Heart attacks are frequently depicted in movies and on television, with the victim clutching his chest, staggering backward, and falling down dramatically before being transported to the hospital. A heart attack, on the other hand, is frequently significantly less dramatic in real life. Many people are completely unaware that they are having a heart attack. The American Heart Association’s journal Circulation revealed in 2016 that nearly half of all heart attacks, or 45 percent, are “silent,” meaning they don’t exhibit conventional symptoms like chest discomfort or left arm weakness. According to the Cleveland Clinic, the figure is much higher: between 50 and 80 percent of all heart attacks are silent.
While a silent heart attack may have no symptoms at all in some circumstances, there is generally some form of indication that something is wrong. It could be so small that the person having a heart attack is completely unaware of what’s going on. This can lead to a delay in seeking medical help, and in the worst-case scenario, those priceless moments can lead to tragedy. Continue reading to learn which symptoms indicate that you (or someone you love) may be having a heart attack.
Shortness of breath.
Climbing a high flight of stairs, as well as experiencing a panic attack, can cause us to get short of breath. According to Healthline, it’s also one of the most subtle heart attack indications to look out for, especially in women. “Your breathing and your heart’s ability to adequately pump blood are inextricably linked,” they write. If you’re having trouble catching your breath for no obvious reason—for example, you’re not exercising—see a doctor straight away to have your heart examined.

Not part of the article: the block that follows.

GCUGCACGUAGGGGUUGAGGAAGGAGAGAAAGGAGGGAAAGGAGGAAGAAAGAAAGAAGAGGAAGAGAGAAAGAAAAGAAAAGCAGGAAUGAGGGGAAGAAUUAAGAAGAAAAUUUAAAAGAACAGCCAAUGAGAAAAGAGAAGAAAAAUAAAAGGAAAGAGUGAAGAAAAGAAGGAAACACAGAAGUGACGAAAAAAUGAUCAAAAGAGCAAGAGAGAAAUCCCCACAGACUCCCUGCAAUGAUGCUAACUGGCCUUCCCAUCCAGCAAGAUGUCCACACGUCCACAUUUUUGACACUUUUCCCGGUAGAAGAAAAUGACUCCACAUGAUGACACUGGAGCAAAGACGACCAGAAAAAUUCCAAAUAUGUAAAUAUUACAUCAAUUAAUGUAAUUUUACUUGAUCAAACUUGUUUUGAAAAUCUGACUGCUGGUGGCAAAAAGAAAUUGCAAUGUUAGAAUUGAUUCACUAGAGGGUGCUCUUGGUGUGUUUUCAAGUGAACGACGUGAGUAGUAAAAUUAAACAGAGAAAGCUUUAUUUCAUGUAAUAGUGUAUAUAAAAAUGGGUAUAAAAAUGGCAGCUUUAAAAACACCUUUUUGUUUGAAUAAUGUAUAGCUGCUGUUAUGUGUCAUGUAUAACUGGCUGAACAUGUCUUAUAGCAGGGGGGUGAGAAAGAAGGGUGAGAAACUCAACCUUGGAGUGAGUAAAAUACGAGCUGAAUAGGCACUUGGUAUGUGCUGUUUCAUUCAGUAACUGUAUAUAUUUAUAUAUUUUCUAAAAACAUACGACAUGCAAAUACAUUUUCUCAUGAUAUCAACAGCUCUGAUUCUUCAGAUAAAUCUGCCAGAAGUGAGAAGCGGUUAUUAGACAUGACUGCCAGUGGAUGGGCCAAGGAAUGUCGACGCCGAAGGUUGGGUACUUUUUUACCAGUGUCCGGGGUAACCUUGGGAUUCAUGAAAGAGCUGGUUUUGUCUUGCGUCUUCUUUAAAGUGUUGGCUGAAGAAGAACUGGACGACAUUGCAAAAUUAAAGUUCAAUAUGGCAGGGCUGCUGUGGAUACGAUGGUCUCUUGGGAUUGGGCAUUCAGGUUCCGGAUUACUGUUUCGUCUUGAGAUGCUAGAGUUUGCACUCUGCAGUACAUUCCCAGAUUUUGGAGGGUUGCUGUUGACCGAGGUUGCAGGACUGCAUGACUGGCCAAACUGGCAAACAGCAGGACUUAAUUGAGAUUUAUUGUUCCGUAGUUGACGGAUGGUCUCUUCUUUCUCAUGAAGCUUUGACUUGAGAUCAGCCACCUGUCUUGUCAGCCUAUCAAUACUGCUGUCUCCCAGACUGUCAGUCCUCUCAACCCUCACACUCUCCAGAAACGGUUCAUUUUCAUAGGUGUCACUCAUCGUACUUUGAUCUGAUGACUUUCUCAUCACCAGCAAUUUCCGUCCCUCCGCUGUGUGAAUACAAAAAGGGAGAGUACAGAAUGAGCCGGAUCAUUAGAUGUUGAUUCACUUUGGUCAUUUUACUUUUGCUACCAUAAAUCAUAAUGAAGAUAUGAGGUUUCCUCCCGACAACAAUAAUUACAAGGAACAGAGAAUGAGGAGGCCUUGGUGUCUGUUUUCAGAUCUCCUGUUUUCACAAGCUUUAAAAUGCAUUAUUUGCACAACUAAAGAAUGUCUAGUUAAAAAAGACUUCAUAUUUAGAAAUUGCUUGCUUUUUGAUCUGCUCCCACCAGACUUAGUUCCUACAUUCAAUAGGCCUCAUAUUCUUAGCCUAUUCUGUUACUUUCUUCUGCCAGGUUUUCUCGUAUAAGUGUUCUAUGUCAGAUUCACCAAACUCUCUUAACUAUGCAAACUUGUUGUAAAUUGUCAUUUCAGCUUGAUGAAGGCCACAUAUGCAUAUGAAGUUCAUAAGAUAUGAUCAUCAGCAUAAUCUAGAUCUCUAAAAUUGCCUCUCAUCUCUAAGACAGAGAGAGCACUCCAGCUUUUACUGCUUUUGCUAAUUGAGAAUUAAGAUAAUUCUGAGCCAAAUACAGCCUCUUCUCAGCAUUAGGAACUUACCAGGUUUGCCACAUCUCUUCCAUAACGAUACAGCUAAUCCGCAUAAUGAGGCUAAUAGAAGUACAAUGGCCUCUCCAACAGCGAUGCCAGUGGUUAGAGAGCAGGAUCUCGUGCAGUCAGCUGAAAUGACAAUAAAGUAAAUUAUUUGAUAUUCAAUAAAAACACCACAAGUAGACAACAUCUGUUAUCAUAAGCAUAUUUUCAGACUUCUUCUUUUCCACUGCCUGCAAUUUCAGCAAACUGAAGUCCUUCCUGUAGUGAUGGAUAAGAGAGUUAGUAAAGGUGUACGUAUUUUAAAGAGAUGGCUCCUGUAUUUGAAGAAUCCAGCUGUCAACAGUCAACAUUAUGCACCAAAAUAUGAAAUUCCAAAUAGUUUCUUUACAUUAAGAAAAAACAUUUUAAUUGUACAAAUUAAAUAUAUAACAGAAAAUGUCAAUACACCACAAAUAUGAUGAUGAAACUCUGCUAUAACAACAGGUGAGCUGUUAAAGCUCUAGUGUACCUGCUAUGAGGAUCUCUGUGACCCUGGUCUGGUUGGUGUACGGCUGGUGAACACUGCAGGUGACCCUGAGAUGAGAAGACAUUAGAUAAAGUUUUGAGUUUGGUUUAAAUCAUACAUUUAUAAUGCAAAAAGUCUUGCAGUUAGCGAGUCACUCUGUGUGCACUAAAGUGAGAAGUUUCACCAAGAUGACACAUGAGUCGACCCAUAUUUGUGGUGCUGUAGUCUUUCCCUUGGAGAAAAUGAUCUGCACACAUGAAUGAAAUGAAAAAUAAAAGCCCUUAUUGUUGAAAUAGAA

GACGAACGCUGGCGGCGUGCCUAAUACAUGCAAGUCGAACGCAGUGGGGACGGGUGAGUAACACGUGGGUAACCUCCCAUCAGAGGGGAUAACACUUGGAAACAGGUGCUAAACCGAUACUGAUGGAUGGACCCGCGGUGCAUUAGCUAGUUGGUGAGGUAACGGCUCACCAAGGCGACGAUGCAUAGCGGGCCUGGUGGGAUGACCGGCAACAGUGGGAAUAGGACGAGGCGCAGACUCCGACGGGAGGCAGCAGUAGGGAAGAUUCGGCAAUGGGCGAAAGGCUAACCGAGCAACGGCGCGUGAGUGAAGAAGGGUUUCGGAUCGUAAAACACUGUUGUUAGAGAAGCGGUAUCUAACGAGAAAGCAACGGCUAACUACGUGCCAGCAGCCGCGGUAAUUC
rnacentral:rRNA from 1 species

Indigestion or heartburn
Have you just finished a spicy dinner or a junk food binge? Your stomach ache and heartburn are most likely typical. According to the Mayo Clinic, indigestion can also be caused by a reduction in blood flow to the heart. “Call 911 or emergency medical treatment if you experience persistent chest pain and aren’t sure it’s heartburn,” they advise. If you go to the nearest emergency department with indigestion, doctors will run testing right away because even expert doctors can’t always detect the difference between a heart attack and heartburn.
Pain in the jaw and/or throat.
You’ve certainly heard of heart attack symptoms like chest pain radiating down your left arm. However, discomfort from a heart attack can manifest itself in various places, including your jaw and throat. While neck and jaw discomfort by itself do not normally indicate a cardiac problem, “if you have pain or pressure in the center of your chest that travels up into your throat or jaw, it could be an indication of a heart attack,” according to Healthline.
Breaking out in a sweat.
A hot day or a workout at the gym can make you sweat, and women going through menopause are used to waking up with drenched sheets thanks to night sweats. However, if you find yourself sweating and experiencing pain in your chest, arm, neck, or jaw, go to the hospital. Perspiration, in combination with any form of pain in those locations, was proven to be a reliable predictor of a heart attack in a 2005 study from the University of Illinois at Chicago.
A general feeling of unease
You don’t feel quite right, but you can’t put your finger on why? Even if you don’t think you’re showing traditional heart attack symptoms, it’s a good idea to have your heart tested. “A broad level of discomfort” and “an overall feeling of unease,” according to Robert Lager, MD, can signal a silent heart attack. He advised people not to “sit around and wonder” if they had a feeling something is wrong. Because the heart is a muscle, and decreasing blood flow from a heart attack is bad for it, don’t overlook any signals that anything is wrong. “The longer one waits to be evaluated, the more likely irreversible harm will occur,” he said.